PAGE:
BEAVERCREEK, Ohio (WDTN) – New roots are being planted in Beavercreek this weekend as more steps towards the Memorial Day tornado recovery are taken.
The Beavercreek Wetlands Association partnered with Five Rivers Metroparks on a project that will distribute 250 free trees to Beavercreek residents.
The Wetlands Association began the operation after seeing the devastation left behind from the tornadoes earlier this year. Many homes and properties were destroyed, including hundreds of trees that were ripped from the ground.
On Saturday, October 26, the association will distribute the trees to those who were able to get a reservation.
Demand for the trees exceeded the association’s expectations. Within 24 hours of posting the advertisement, all of the available trees had been reserved.
Officials said they heard many stories and saw many photos from residents whose properties were impacted by the storm.
“We specified that we were looking to help Beavercreek residents recover from the tornado damage,” said The Wetlands Association’s executive director Blythe Hazellief. “When they wrote in for their request, they were often sharing their stories with us, which were heartbreaking.”
Hazellief said that because of the response, the organization would be reaching out for more grants to fund another, larger tree drive in the spring of next year.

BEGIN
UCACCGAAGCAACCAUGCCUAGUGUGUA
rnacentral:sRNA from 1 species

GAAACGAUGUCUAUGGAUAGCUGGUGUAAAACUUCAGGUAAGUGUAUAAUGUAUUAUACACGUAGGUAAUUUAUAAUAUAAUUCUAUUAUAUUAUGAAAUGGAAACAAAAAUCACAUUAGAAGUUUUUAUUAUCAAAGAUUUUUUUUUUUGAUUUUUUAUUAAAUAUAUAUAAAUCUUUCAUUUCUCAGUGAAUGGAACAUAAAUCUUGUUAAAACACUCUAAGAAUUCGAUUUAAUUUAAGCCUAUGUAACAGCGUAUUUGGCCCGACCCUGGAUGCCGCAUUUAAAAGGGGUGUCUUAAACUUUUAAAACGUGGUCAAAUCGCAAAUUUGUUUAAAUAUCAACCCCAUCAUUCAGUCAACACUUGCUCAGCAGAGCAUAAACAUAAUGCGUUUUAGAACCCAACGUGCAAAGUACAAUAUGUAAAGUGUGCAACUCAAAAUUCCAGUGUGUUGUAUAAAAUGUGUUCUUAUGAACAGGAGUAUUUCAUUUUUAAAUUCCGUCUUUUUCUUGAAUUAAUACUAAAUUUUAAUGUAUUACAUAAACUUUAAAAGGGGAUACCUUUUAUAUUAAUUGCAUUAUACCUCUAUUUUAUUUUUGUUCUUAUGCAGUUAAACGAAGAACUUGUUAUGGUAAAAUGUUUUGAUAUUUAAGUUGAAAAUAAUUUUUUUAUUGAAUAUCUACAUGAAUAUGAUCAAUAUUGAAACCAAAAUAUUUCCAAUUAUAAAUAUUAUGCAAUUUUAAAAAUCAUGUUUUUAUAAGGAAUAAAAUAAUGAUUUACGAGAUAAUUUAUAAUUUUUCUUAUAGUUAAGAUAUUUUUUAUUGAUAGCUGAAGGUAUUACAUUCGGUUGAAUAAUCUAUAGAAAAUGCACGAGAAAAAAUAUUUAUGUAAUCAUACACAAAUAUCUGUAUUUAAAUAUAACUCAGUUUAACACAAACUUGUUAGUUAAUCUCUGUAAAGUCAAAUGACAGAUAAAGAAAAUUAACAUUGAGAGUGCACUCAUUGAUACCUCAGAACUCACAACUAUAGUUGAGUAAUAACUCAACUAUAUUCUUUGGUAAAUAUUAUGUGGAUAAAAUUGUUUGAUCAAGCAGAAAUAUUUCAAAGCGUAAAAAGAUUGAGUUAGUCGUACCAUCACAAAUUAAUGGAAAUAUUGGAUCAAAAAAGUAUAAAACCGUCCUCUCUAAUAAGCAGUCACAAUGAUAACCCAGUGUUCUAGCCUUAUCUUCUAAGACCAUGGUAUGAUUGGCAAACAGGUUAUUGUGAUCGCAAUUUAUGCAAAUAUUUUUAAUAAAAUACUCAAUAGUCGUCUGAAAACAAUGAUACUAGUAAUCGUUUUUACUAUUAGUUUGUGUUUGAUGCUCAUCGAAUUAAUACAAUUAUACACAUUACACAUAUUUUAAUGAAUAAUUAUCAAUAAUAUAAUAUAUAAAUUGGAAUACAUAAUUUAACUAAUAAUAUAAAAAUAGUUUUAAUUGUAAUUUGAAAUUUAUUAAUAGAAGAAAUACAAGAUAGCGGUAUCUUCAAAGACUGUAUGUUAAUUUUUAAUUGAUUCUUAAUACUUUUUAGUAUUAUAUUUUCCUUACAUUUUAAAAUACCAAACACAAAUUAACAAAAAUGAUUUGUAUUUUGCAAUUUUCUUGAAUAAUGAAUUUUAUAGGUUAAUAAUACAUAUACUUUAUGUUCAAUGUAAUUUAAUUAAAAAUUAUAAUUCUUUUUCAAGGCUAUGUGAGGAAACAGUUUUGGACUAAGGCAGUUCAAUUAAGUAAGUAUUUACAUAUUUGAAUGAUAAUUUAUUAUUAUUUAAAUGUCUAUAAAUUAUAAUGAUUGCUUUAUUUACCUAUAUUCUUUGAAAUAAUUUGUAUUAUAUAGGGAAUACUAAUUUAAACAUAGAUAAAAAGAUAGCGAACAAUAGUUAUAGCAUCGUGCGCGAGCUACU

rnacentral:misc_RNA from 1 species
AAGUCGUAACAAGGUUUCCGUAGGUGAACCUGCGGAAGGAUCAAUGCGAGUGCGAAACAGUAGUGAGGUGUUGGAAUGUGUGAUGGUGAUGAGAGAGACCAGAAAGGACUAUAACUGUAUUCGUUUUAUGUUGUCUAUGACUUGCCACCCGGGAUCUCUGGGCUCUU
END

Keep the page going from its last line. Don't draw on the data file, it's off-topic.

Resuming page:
“We’ve already seen demand for more than 500 trees,” said Hazellief. “[We want to] offer a much larger event and more species to cover a wider area.”
The current tree drive is distributing oak and hickory species of trees.
The Wetlands Association said this was also an important step to plant more native tree species in the area.
“Native trees are extremely important to the local landscape,” said Hazellief. “They offer food sources to a lot of local wildlife. They’re the best for your yard; they’re healthier, heartier, grow faster, and are a better choice for landscaping.”
The Wetlands Association will be distributing the trees but individuals who pick them up will be required to plant them. While picking them up, citizens will be given tips and guidance on the best way to plant and care for them.
“Replacing the trees is a small part of the mission but it’s close to our hearts,” said Hazellief. “It’s an important part of fixing the entire landscape and making everyone’s houses feel like homes again.”
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